Not only does BeerSmith's Brew House Eff (to the fermenter) cause confusion when sharing, it also makes your own life difficult. Any adjustment to trub loss (using the trub loss field) requires an compensatory adjustment to 'Brew House Eff'. Recipe specific adjustments for losses, like high hop losses for an IPA, using the trub loss field requires the same compensatory adjustment to BHE. When dialing in your numbers based on observed mash/lauter eff (to the kettle), similar adjustments need to be made to BHE (to the fermenter) as well.
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Old 10-01-2012, 03:59 PM   #6
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How to make BeerSmith less of a PITA to use:
Set 'trub losses' to '0', always.
Set your boil off rate accurately, and use 'vol rate', not %.
Check the 'calc boil volume' checkbox.
Whenever adjusting the batch size (like for trub loss), always use the 'scaling tool' and check the 'keep numbers the same' box.
Set your Batch Size to what you want in your fermentor + your trub/transfer losses to the fermenter. (You can notate your trub loss in the 'fermenter loss' field for book keeping purposes.)

Your Brew House Eff is now effectively "to the kettle". This makes checking and adjusting your numbers much easier. It also makes importing and scaling recipes easier.

Be careful of using other 'features' of BeerSmith. There are many that are notoriously buggy. For instance, you mentioned 'adjusting' your pre-boil volume, do not do this. If you follow the guidelines above, BeerSmith will do everything for you. If you choose to manually adjust any fields, all bets are off with the numbers BeerSmith generates.

Instead of trying to manually adjust things, accurately set and use the tuning parameters like boil off rate, lauter/mash dead space, BHE and Batch Size (once they are converted to kettle based), grain temp, tun temp, specific heat, etc.

This will get you very close for fly sparging. Due to an error in how BeerSmith handles other sparge methods like batch/no sparge and BIAB, you will need to reduce your BHE (now mash/lauter eff) for brews with a higher grav than what you use for your baseline BHE, and lower it some for brews with a lower grav. Essentially you will have a (slightly) different BHE for different grav brews. There is no way around this, and it happens whether you use 'to the fermenter' or 'to the kettle' for BHE. This is an issue that every current brewing software package has, but is not well known.

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Old 10-01-2012, 05:42 PM   #7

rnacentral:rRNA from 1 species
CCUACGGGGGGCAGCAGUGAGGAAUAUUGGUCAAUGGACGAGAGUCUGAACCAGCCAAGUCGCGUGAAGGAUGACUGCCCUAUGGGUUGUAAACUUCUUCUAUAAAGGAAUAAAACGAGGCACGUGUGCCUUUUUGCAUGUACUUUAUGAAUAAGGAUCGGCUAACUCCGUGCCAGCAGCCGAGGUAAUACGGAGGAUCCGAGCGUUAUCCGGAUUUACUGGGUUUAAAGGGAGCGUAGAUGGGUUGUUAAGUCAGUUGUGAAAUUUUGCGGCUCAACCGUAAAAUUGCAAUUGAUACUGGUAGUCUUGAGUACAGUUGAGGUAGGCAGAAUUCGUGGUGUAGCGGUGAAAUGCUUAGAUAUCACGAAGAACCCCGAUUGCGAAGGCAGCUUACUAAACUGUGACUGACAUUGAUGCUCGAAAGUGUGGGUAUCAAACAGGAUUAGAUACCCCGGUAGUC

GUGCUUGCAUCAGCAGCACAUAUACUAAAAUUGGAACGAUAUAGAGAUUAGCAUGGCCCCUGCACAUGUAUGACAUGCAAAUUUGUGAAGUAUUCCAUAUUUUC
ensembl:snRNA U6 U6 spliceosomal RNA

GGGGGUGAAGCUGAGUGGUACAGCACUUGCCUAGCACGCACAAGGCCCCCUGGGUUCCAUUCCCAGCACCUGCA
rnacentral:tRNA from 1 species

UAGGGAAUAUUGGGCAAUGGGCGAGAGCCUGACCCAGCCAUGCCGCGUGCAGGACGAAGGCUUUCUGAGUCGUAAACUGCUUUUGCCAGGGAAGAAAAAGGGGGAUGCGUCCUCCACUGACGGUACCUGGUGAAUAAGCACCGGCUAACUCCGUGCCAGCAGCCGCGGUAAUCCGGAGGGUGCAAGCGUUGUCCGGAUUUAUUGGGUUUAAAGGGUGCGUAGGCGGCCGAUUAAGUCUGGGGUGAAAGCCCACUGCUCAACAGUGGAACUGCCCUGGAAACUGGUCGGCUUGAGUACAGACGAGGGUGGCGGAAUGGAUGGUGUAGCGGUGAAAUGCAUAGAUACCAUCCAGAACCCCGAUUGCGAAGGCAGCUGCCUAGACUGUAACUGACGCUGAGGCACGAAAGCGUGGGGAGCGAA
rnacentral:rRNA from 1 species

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I'm not explaining myself well, which is what I though might happen. I'll try and take some screenshots later today and post them with a second try and what my problem is.

Quote:
Originally Posted by cwi View Post
I would suggest rereading this yourself, and see if it makes sense to you, even my edited version.

I know exactly what issue you are dealing with, but that explanation is contradictory and confusing. I will try to explain the issue a bit in this post, and in a follow up post, I will give you a method for an easier way to use BeerSmith. If it doesn't suit you, try restating your issue and your goals more clearly, and I can try again.

Brew House Efficiency:
BeerSmith uses batch size and 'Brew House Efficiency' as 'to the fermenter'. All people/programs do not. YOU CAN NEVER FORGET THIS. (Yelling was on purpose). For example, Mr. Malty recipes, and most magazine based ones, will be stated as 'in the kettle' for both batch size and eff. This is because system losses to trub/dead space are different for everybody, and using an eff number that includes those losses (like BeerSmith's 'Brew House Eff') makes it very confusing to share recipes.

Not only does BeerSmith's Brew House Eff (to the fermenter) cause confusion, it also makes your own life difficult. Any adjustment to trub loss (using the trub loss field) requires an compensatory adjustment to 'Brew House Eff'. Recipe specific adjustments for losses, like high hop losses for an IPA, using the trub loss field requires the same compensatory adjustment to BHE. When dialing in your numbers based on observed mash/lauter eff (to the kettle), similar adjustments need to be made to BHE (to the fermenter) as well.
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Old 10-01-2012, 06:38 PM   #8
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Quote:
Originally Posted by BVilleggiante View Post
I'm not explaining myself well, which is what I though might happen. I'll try and take some screenshots later today and post them with a second try and what my problem is.
Try the above method of using BeerSmith, and see if it doesn't fix your problem. It is the preferred way to configure BeerSmith for most advanced users. If that way doesn't work, screen shots may help, but all the fields are scattered among several pages.

I don't think manually adjusting the boil volume will ever do what you are wanting. Playing with manually adjusting fields can cause a cascading effect on other numbers.